But for Ms Burns, it’s a no-brainer.
“No child, no family should have to go through this, especially when there is a vaccine readily available.”
There is a prevention for Meningococcal B. It’s called Bexsero and as of March last year it’s been available to Australians, but at a hefty price. A baby will require four vaccinations at $125 before age two for full protection.
The reason it’s so expensive is because the government is not subsidising the drug. As of last Friday, it has been rejected three times for approval to be included on the PBS and the immunisation schedule, leading parents to question why it’s even available, and why GPs are recommending the drug.
But as it’s been approved by the Therapeutic Goods Administration, president of the Royal Australian College of General Practitioners Dr Liz Marles explains parents needn’t worry about how it will effect their kids.
The approval process, Dr Marles says, is a numbers game.
“Bexsero has been subsidised in other countries and in trials it hasn’t shown any unusual side effects. The data shows it’s about 75 per cent effective and the only concern is that it’s unknown how effective it will be long term, but that data will come in time,” she says.
“It’s an economic decision. It’s very rare, but for high risk groups which include very young babies and children that have immune system disorders it’s worth looking into.”
In handing down its decision on whether to include the vaccine on the National Immunisation Program Schedule, the Pharmaceutical Benefits Advisory Committee based its rejection “on the basis of a limited demonstrations of, and multiple uncertainties in relation to, the clinical effectiveness of the vaccine against the disease when delivered in a vaccination program”.
It also noted “approximately 272,224 individuals would need to be fully vaccinated to avoid one death”.
Former AMA president and GP Dr Steve Hambleton explained these numbers didn’t make subsidising the drug viable to be publicly funded.
“It’s very low risk and the cost is high. It’s not a major health concern. It’s very pleasing that they’ve developed the vaccine, but parents don’t need to feel bad if they can’t pay for their child to be vaccinated,” he said.
Regardless of the numbers, Ms Burns just can’t get her head around the fact that any children should die, or be severely affected, like her son, by a disease that can be prevented.
“We’re in Australia and we’ve lost six lives this year because this isn’t on the immunisation schedule,” she says.
“Most parents probably wouldn’t even know their child isn’t vaccinated against this disease. We’ve been through it and we know what it’s like.”
A WOMAN has died in a New England hospital with meningococcal disease. This is the sixth case of meningococcal disease in the Hunter New England Health region this year.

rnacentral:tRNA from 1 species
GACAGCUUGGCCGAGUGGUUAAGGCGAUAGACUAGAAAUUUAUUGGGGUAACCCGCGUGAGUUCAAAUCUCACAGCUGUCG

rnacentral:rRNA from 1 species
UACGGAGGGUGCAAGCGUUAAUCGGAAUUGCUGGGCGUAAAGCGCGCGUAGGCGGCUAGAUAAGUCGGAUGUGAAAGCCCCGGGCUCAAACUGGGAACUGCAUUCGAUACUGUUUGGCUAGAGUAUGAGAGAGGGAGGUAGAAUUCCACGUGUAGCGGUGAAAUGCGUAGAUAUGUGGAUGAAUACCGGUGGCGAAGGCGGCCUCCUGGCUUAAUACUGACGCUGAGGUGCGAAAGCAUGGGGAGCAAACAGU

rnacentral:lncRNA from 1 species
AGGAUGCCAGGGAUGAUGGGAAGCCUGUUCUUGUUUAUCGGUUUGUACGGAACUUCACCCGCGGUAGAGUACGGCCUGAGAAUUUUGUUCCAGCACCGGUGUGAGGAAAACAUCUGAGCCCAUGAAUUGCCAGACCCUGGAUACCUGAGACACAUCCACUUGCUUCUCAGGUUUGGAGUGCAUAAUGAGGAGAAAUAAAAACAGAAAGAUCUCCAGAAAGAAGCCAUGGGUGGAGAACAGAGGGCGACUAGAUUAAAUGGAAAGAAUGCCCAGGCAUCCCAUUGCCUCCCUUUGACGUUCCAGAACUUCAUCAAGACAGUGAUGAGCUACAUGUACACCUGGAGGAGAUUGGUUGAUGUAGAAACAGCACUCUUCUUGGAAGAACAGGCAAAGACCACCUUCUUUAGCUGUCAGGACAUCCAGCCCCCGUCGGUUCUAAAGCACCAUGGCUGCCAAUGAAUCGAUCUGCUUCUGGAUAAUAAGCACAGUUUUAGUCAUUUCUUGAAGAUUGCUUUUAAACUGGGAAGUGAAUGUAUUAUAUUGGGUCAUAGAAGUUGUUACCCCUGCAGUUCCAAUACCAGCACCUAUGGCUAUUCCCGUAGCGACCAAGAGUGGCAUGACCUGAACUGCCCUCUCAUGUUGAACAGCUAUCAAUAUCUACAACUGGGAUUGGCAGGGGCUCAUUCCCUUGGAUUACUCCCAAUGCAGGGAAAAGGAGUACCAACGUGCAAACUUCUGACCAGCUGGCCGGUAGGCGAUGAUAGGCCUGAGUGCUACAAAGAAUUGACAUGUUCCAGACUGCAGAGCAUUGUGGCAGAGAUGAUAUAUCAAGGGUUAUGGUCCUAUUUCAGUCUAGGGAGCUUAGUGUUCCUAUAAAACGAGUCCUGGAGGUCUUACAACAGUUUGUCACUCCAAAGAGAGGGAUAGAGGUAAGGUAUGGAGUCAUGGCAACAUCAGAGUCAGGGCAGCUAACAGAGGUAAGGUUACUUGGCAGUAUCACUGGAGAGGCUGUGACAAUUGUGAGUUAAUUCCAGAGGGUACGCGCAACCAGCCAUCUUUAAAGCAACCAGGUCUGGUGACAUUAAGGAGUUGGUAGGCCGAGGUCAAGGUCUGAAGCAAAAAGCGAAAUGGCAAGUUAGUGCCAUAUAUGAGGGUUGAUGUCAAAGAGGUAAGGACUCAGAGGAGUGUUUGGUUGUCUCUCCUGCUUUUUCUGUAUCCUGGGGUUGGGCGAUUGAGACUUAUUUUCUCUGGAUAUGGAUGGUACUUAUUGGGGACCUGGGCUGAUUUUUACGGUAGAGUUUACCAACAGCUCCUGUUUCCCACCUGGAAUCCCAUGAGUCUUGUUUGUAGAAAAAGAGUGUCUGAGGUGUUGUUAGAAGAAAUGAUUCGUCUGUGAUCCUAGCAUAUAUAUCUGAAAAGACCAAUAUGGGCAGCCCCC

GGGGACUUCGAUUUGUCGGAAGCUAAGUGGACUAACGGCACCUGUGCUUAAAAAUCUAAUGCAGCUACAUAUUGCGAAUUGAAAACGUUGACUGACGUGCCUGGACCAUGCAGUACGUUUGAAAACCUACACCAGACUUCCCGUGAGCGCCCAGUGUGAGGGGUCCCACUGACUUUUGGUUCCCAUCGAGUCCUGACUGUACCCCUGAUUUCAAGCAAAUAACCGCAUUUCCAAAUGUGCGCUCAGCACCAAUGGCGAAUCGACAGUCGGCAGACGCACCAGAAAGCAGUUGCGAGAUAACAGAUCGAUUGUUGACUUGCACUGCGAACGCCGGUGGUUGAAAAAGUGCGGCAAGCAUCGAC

Last year there were 11 confirmed cases of mening-ococcal disease in the Hunter New England Local Health district. There were nine confirmed cases in 2012, 15 in 2011 and 13 in 2010.
Hunter New England Health does not reveal which hospitals the cases occur at.
In the most recent death, close contacts of the patient have been prescribed clearance antibiotics. There are no links between the latest case and any previous cases.
Public health physician Dr Tony Merritt said seeking medical attention quickly may prevent the develop-ment of serious compli-cations.
"Meningococcal disease may be very severe and the community needs to be on the alert for its symptoms. If anyone suspects meningo-coccal disease, they should seek medical attention immediately," Dr Merritt said.
Up to 10 per cent of patients with invasive meningococcal disease in Australia die as a result of the infection.
The first symptoms of meningococcal disease may include pain in the legs, cold hands and feet and abnormal skin colour.
Later symptoms may include high fever, headache, neck stiffness, dislike of bright lights, nausea and vomiting, a rash of reddish-purple spots or bruises and drowsiness. Babies with the infection can be irritable, not feed properly and have an abnormal cry.
"Meningococcal infection does not spread easily,” Dr Merritt said.
“It is spread by secretions from the nose and throat of a person who is carrying it and close and prolonged contact is needed to pass it on. It does not appear to be spread through saliva or by sharing drinks, food or cigarettes.”
He stressed that while meningococcal disease could be serious, in most cases, early detection and treat-ment resulted in a complete recovery. Most cases of meningococcal disease are seen in infants, young children, teenagers and young adults, although peo-ple of any age can be infected.
The two main strains of meningococcal disease in Australia are the B and C strains. The National Immu-nisation Program includes a vaccine for the mening-ococcal C strain but not for the B strain of the disease. This means that young people who have had the meningococcal C vaccine should still be on the look out for symptoms.
"The number of cases of this rare disease has been falling over the past 10 years due in part to the success of the meningococcal C vaccination program," Dr Merritt said.
The meningococcal C vaccine is recommended for all babies at 12 months of age and currently in NSW, free vaccine is provided for unvaccinated people up to 25 years of age.
Where suspected or confirmed meningococcal disease has been diagnosed, public health officials will arrange for information and clearance antibiotics to be provided to close contacts, such as other members of the person's household.
The purpose of clearance antibiotics is to eradicate any meningococcal bacteria the contacts may be carrying to prevent further transmission of the disease.
SOURCE:The Inverell Times